Johnson's mobility is something that excites his teammates. The offensive line has a less demanding job of blocking for the athletic Johnson compared to the stationary Leftwich. Right tackle Jeremy Trueblood said it was instantaneous that Johnson's scrambling ability aided the offensive line.

"If anything it helps me out because if I do get beat he's got a great shot of getting out of there," Trueblood said. "That's already happened once. I think he makes it a lot easier on my life. I just need to block up front so he can do what he needs to do in the pocket, and if he needs to get away he's definitely more than capable of that."

Olson said that Johnson is not just mobile, he is explosive. Leading up to the NFL Draft, Johnson wowed scouts with his 40-yard dash time in the 4.5 range. That is much faster than the average quarterback. The speed that he plays at had Olson thinking of ways to get Johnson involved in the offense even before they decided to make him the starting quarterback.

"If you watch on the practice field, really he is probably one of the two or three most explosive players we have on the team," said Olson. "When you watch him running even a year ago when he was on the scout team and running the show team. We've thrown him out at wide receiver. He's played some. We put him in the game, and our plan was initially in the season if we were going to have some success and continue with Byron, [Johnson] was going to play some wide receiver because of that, because he has done some very nice things on the practice field at wide receiver position. He is a real explosive athlete with good speed."

The mobility and playmaking ability are two things that are not lost on Bucs head coach Raheem Morris.

"Obviously you're talking about Josh's moving ability," said Morris. "You're talking about a guy that can run. We saw him do it in the preseason. As far as him having the ball in his hand, as far as him stretching it down the field, his ability to make a throw on the run that's very accurate, very good – that just opens up the offense a little bit more. We've got some things for him, as far as the quick game, as far as getting the ball out of his hand a little bit quicker, as far as the mobility issue that we talked about. These are not knocks on Byron; they're just two different guys. They just create their own different so-to-speak problems for some people. Last week we played two great backs, and obviously 27 [Brandon Jacobs] provided different issues than 44 [Ahmad Bradshaw] did. Those two guys came out and had different issues and they got very good results from both of them. We'll just have to see what's going to happen with Josh Johnson this week."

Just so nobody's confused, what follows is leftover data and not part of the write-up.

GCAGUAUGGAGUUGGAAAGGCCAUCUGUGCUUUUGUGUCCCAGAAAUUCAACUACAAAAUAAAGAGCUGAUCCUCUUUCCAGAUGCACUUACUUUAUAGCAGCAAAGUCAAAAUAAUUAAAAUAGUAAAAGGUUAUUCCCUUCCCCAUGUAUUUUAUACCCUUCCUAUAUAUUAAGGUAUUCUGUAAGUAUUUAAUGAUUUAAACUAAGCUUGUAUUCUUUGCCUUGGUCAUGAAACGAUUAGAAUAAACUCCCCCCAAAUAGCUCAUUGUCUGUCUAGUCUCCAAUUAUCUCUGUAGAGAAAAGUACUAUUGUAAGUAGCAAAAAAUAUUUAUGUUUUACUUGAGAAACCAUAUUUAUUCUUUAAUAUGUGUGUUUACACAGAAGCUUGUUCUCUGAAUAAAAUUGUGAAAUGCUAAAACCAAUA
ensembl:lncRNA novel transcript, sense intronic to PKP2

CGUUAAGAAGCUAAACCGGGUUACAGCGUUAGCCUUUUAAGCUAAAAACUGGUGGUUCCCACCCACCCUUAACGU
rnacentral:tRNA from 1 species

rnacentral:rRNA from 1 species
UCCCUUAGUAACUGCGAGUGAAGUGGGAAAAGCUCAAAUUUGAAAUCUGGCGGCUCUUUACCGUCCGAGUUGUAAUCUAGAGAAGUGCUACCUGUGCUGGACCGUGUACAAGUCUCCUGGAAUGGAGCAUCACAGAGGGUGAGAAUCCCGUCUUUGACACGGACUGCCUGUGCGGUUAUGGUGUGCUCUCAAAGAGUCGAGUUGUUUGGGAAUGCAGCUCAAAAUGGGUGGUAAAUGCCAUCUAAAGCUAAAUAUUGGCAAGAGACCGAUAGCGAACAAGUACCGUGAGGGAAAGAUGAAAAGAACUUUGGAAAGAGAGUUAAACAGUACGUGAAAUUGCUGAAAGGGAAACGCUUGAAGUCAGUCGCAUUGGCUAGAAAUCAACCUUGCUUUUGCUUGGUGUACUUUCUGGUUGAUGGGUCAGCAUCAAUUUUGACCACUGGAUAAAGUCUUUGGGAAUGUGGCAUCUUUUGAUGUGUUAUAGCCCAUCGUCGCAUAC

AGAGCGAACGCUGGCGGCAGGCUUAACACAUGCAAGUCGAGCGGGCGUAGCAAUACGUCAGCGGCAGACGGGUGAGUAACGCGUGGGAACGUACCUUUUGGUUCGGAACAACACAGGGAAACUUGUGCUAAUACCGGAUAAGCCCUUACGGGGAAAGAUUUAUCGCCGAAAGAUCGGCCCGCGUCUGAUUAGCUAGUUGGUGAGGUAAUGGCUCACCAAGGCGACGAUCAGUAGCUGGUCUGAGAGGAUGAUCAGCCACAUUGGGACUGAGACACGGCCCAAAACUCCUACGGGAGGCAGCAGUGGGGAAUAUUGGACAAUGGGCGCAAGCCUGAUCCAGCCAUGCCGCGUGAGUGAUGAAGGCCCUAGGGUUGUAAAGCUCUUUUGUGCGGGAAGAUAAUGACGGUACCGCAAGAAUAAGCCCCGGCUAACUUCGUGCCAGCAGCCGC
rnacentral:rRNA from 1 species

Johnson will have the challenge of getting his first NFL start on the road in a hostile environment. The Washington Redskins are in a must-win situation after dropping last Sunday's game to the Detroit Lions.

"It will be difficult," said Johnson. "Obviously playing on the road it always is difficult. The Redskins are coming off of a tough loss, so I'm pretty sure the crowd will be fired up. Their team will be fired up. We'll be fired up as well. For me as a pressure standpoint there will be more of an excitement just to be out there. I feel like I'm not the savior. It is not my job to be the savior of this team. My job is to come in and get wins. We are talented. We just have to pull it altogether and become one cohesive unit from offense, and defense, and special teams. If we are one we will win games, and it won't be on one guy's shoulders."